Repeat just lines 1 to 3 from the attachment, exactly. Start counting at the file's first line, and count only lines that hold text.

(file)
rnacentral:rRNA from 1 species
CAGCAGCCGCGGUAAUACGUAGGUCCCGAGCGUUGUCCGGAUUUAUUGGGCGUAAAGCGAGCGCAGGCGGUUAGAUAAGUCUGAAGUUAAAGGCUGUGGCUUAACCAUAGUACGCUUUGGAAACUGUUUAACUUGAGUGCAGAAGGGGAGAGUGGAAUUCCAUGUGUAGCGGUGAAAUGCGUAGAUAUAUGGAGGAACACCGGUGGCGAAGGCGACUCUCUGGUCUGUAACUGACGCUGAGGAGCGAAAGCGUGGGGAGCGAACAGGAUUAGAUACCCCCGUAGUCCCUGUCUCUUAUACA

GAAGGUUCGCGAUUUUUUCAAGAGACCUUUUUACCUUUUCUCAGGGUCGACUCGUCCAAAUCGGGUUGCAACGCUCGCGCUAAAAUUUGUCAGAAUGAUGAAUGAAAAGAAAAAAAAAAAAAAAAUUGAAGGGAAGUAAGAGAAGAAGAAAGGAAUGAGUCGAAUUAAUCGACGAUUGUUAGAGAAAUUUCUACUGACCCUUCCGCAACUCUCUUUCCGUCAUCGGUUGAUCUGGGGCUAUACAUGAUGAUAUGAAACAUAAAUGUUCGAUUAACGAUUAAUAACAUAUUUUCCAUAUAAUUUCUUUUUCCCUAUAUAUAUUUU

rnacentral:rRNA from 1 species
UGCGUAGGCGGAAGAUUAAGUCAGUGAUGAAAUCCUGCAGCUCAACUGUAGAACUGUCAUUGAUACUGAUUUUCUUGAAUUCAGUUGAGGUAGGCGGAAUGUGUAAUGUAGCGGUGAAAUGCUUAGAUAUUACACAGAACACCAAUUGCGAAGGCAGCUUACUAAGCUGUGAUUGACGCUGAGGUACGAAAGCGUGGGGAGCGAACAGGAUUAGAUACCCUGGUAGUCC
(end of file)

rnacentral:rRNA from 1 species
CAGCAGCCGCGGUAAUACGUAGGUCCCGAGCGUUGUCCGGAUUUAUUGGGCGUAAAGCGAGCGCAGGCGGUUAGAUAAGUCUGAAGUUAAAGGCUGUGGCUUAACCAUAGUACGCUUUGGAAACUGUUUAACUUGAGUGCAGAAGGGGAGAGUGGAAUUCCAUGUGUAGCGGUGAAAUGCGUAGAUAUAUGGAGGAACACCGGUGGCGAAGGCGACUCUCUGGUCUGUAACUGACGCUGAGGAGCGAAAGCGUGGGGAGCGAACAGGAUUAGAUACCCCCGUAGUCCCUGUCUCUUAUACA

GAAGGUUCGCGAUUUUUUCAAGAGACCUUUUUACCUUUUCUCAGGGUCGACUCGUCCAAAUCGGGUUGCAACGCUCGCGCUAAAAUUUGUCAGAAUGAUGAAUGAAAAGAAAAAAAAAAAAAAAAUUGAAGGGAAGUAAGAGAAGAAGAAAGGAAUGAGUCGAAUUAAUCGACGAUUGUUAGAGAAAUUUCUACUGACCCUUCCGCAACUCUCUUUCCGUCAUCGGUUGAUCUGGGGCUAUACAUGAUGAUAUGAAACAUAAAUGUUCGAUUAACGAUUAAUAACAUAUUUUCCAUAUAAUUUCUUUUUCCCUAUAUAUAUUUU